Something moved in the machineries of international law earlier this month. A turn in the lock, a small latch releasing a door. How big, how wide, remains to be seen. But nonetheless a landmark in progress towards meaningful protection of the environment.
On 7 February 2018, an international court in Costa Rica – the Inter-American court of human rights – released an advisory opinion on environment and human rights. It not only recognises the right to a healthy environment as fundamental to the existence of humanity, but also has the potential to unlock real cross-border remedies for the victims of environmental degradation.
It is not an isolated development. Earlier this month, the international court of justice issued its first ever order on compensation for environmental damage in a dispute between two countries, while in 2017 an investor-state tribunal made history by ordering a mining company to pay $39m to Ecuador for environmental clean-ups. But the advisory opinion could prove the most significant ruling yet.
In 2016, Colombia posed three big questions to the Inter-American court, which has jurisdiction over much of the Americas, roughly equivalent to the European court of human rights (ECHR) to which the UK belongs. If, Colombia asked, an individual living in Country A suffers a human rights violation caused by ecological damage emanating from Country B, can she hold Country B responsible under the American convention? Would Country B have breached the convention? And what are countries legally obliged to do in order to reduce such harms?
These are pressing concerns, not least in Colombia. At the hearing, Colombian Raizales delegates – English/Creole-speaking descendents of white British and enslaved Africans – spoke compellingly about the threats to the reefs on which their island culture depends. One looming concern appeared to be Nicaragua’s plan to build a Chinese-funded rival to the Panama Canal: scientists fear it would literally muddy Caribbean waters, killing marine life, creating chemical pollution and introducing invasive species from shipping lane bottlenecks. Colombia (already quarrelling with Nicaragua over maritime boundaries) sought answers from the court that would discourage unrestrained development of infrastructure mega-projects. But a sign that the ecological crisis transcends any one bilateral dispute is that other Latin American countries (Guatemala, Honduras, Bolivia, Argentina) also supported cross-border obligations.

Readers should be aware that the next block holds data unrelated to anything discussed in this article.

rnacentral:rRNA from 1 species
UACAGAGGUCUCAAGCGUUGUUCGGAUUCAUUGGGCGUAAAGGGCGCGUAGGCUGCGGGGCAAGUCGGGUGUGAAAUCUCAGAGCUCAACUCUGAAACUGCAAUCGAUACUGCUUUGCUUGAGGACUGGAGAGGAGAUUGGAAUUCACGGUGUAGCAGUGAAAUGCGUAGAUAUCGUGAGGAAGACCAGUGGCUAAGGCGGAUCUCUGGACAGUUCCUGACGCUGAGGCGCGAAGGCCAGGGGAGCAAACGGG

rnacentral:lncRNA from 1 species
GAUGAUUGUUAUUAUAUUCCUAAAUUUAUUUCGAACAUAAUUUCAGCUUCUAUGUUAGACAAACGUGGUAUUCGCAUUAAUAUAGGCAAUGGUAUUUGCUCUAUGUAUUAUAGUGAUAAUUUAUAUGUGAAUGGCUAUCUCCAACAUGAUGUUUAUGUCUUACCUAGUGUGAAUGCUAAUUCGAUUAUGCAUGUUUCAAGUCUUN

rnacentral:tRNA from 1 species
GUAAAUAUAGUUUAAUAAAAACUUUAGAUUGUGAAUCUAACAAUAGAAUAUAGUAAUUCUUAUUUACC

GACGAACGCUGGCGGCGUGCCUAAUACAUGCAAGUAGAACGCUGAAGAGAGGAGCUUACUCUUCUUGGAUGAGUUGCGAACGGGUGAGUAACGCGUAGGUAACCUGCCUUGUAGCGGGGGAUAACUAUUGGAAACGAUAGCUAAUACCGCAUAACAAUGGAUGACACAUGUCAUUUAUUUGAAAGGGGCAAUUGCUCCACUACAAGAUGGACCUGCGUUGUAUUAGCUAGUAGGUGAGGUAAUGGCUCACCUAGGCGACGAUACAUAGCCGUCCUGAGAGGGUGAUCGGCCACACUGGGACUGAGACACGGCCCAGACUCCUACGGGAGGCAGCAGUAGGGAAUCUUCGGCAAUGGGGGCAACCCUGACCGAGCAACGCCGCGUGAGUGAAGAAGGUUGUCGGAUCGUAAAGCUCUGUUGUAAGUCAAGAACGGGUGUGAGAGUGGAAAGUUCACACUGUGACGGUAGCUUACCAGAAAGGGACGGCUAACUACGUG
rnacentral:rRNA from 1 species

The conundrum of “extraterritorial” obligations bedevils human rights law. The crux of the problem is that the main conventions oblige states to ensure the human rights of people within their “jurisdiction”, without specifying what that means. Does “jurisdiction” mean the same as a state’s territory? If so, how should human rights law respond when states act abroad, or act so as to cause effects abroad? The ECHR in Strasbourg, in a 2001 decision on Nato’s bombing of a broadcast station in Belgrade during the Kosovo conflict, decided that states’ “jurisdiction” goes no wider than territories over which they have “effective control”. In later cases, it quietly loosened the test and found jurisdiction based on a state’s assertion of authority over the individual victim. Similarly, the Inter-American system had already found claims admissible where one state’s military had killed or detained individuals outside its borders.
Even so, the advisory opinion represents a quantum leap in the breadth of “jurisdiction”. Here too, the concept of “effective control” is key. The court decided that, for transboundary damage, “the exercise of jurisdiction arises when the state of origin exercises effective control over the activities carried out that caused the harm and consequent violation of human rights”. This marks a subtle but important shift: “effective control” is no longer something that has to be exercised over territory, nor even over individual victims, but only over the activities responsible for harm. This is crucial, because states do exercise control over those activities likely to destroy fragile ecosystems in their near abroad: a country which decided to build a transnational canal, or license drilling in an offshore oil field, could not credibly claim that such activities were outside its effective control. Although the court cautioned that extraterritorial obligations are “exceptional”, its reshaping of “effective control” opens the door to cross-border human rights claims.
The implications of the court’s decision are likely to ripple well beyond the Americas. Cross-fertilisation among international judicial bodies is common: the opinion will stand as a marker when the Strasbourg court, sooner or later, has to do its own thinking on what “jurisdiction” means for transboundary environmental damage. Its core reasoning could be applied to air pollution, chemicals, even (doubtless controversially) climate change. It may also stimulate new thinking in arguments about international law’s (in)ability to regulate the activities of multinational corporations.
More immediately, it may first have to be applied to the very problems it was designed to discourage: mega-projects lacking any sincere environmental due diligence, dying reefs, the vulnerable Raizales people, and millions more like them. This ruling brings meaningful redress a major step closer.